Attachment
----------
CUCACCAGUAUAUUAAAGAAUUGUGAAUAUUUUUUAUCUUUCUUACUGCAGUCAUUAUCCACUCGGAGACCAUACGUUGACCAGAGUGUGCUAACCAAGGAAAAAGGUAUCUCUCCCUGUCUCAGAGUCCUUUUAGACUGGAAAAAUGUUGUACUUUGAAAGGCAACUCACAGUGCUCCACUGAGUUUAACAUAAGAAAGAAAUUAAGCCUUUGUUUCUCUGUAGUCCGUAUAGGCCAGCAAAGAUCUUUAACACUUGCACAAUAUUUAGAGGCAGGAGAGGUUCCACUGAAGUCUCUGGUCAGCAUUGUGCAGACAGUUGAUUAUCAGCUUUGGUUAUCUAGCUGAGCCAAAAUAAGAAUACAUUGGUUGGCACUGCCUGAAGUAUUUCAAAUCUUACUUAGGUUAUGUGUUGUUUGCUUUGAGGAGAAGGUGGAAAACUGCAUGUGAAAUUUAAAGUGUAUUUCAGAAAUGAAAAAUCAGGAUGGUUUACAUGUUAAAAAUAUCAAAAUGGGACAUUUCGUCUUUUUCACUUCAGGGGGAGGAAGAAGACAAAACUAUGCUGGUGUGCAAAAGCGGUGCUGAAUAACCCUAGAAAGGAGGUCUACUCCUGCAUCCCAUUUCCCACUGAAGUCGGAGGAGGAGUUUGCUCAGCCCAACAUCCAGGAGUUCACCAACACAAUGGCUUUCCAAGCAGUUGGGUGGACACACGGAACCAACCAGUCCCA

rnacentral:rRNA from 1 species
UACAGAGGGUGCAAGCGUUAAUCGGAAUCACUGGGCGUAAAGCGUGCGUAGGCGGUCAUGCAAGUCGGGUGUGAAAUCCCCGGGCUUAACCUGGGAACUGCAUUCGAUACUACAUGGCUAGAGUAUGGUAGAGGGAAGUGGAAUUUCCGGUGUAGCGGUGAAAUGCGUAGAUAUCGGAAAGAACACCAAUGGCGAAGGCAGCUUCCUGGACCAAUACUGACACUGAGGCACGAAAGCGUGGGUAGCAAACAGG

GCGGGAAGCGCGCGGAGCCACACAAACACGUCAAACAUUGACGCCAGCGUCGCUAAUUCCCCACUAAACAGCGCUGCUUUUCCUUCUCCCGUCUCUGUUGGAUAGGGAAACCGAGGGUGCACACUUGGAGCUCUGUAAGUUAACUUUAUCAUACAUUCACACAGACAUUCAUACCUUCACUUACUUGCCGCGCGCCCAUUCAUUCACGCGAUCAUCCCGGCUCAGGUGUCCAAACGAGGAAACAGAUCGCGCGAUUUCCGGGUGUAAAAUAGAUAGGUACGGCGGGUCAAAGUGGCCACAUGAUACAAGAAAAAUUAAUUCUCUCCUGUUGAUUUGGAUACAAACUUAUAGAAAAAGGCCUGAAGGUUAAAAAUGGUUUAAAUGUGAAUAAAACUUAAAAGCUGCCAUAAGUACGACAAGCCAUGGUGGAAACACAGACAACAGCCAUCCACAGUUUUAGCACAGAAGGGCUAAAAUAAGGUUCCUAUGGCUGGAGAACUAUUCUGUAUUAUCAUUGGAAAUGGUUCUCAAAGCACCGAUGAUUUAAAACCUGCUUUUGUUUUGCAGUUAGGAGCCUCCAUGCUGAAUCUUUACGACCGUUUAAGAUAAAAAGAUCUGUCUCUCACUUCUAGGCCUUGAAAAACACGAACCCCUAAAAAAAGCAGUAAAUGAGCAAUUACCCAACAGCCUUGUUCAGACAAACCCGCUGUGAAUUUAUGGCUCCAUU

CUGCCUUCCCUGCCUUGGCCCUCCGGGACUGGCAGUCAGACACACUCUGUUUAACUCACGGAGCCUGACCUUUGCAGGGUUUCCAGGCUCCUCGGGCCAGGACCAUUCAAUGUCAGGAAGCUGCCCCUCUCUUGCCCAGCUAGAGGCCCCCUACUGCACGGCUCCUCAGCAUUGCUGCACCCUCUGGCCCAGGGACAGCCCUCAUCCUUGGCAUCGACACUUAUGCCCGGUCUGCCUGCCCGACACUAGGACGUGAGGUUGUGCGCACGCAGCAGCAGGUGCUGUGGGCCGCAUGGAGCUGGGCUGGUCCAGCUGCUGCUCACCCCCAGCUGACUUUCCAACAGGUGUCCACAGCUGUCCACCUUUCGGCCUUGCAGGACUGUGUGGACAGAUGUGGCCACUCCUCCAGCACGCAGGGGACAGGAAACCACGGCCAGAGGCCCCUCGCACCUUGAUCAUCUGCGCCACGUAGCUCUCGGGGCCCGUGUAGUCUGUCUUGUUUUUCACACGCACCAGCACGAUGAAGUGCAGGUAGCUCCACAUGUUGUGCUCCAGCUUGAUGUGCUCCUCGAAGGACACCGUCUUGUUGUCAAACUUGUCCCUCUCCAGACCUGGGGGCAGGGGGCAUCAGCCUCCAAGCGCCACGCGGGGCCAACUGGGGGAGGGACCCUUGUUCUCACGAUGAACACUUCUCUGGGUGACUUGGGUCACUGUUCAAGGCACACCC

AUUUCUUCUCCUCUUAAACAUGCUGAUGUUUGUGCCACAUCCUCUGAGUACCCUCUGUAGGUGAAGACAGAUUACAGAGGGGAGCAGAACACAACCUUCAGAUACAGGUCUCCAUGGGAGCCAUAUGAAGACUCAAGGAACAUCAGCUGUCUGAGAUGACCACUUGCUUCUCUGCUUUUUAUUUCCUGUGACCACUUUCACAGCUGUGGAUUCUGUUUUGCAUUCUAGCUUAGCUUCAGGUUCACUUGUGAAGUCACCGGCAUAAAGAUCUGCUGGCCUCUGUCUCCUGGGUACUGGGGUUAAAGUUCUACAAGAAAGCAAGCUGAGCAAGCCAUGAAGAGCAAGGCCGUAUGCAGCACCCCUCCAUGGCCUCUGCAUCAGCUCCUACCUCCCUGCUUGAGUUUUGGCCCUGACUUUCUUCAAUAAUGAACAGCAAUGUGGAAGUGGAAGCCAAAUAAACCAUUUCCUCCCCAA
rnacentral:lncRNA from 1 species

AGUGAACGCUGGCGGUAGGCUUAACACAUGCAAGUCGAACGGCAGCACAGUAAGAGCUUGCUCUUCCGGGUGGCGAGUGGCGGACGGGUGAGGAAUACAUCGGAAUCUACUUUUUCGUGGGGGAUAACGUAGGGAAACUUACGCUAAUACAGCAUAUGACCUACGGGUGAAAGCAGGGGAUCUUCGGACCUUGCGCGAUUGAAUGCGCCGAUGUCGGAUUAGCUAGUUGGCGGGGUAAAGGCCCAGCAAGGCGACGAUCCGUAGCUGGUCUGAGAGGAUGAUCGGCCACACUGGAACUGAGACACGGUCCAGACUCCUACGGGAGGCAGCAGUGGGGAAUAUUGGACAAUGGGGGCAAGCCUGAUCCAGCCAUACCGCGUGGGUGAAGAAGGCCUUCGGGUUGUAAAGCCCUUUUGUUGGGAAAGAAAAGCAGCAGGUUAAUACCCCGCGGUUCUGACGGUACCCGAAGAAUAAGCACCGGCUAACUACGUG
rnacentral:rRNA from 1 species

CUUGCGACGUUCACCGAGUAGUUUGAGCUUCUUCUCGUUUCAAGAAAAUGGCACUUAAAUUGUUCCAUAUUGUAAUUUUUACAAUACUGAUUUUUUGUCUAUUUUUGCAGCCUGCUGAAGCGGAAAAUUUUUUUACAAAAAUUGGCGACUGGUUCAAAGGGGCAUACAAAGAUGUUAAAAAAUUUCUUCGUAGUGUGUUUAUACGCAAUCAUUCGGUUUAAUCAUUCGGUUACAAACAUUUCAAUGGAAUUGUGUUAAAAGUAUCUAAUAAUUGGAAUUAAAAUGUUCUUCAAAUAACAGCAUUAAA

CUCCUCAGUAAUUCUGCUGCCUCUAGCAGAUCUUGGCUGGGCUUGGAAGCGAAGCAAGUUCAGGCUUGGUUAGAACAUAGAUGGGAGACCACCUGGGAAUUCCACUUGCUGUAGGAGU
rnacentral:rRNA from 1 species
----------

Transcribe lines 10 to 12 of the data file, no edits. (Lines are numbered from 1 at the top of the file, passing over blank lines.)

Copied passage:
CUUGCGACGUUCACCGAGUAGUUUGAGCUUCUUCUCGUUUCAAGAAAAUGGCACUUAAAUUGUUCCAUAUUGUAAUUUUUACAAUACUGAUUUUUUGUCUAUUUUUGCAGCCUGCUGAAGCGGAAAAUUUUUUUACAAAAAUUGGCGACUGGUUCAAAGGGGCAUACAAAGAUGUUAAAAAAUUUCUUCGUAGUGUGUUUAUACGCAAUCAUUCGGUUUAAUCAUUCGGUUACAAACAUUUCAAUGGAAUUGUGUUAAAAGUAUCUAAUAAUUGGAAUUAAAAUGUUCUUCAAAUAACAGCAUUAAA

CUCCUCAGUAAUUCUGCUGCCUCUAGCAGAUCUUGGCUGGGCUUGGAAGCGAAGCAAGUUCAGGCUUGGUUAGAACAUAGAUGGGAGACCACCUGGGAAUUCCACUUGCUGUAGGAGU
rnacentral:rRNA from 1 species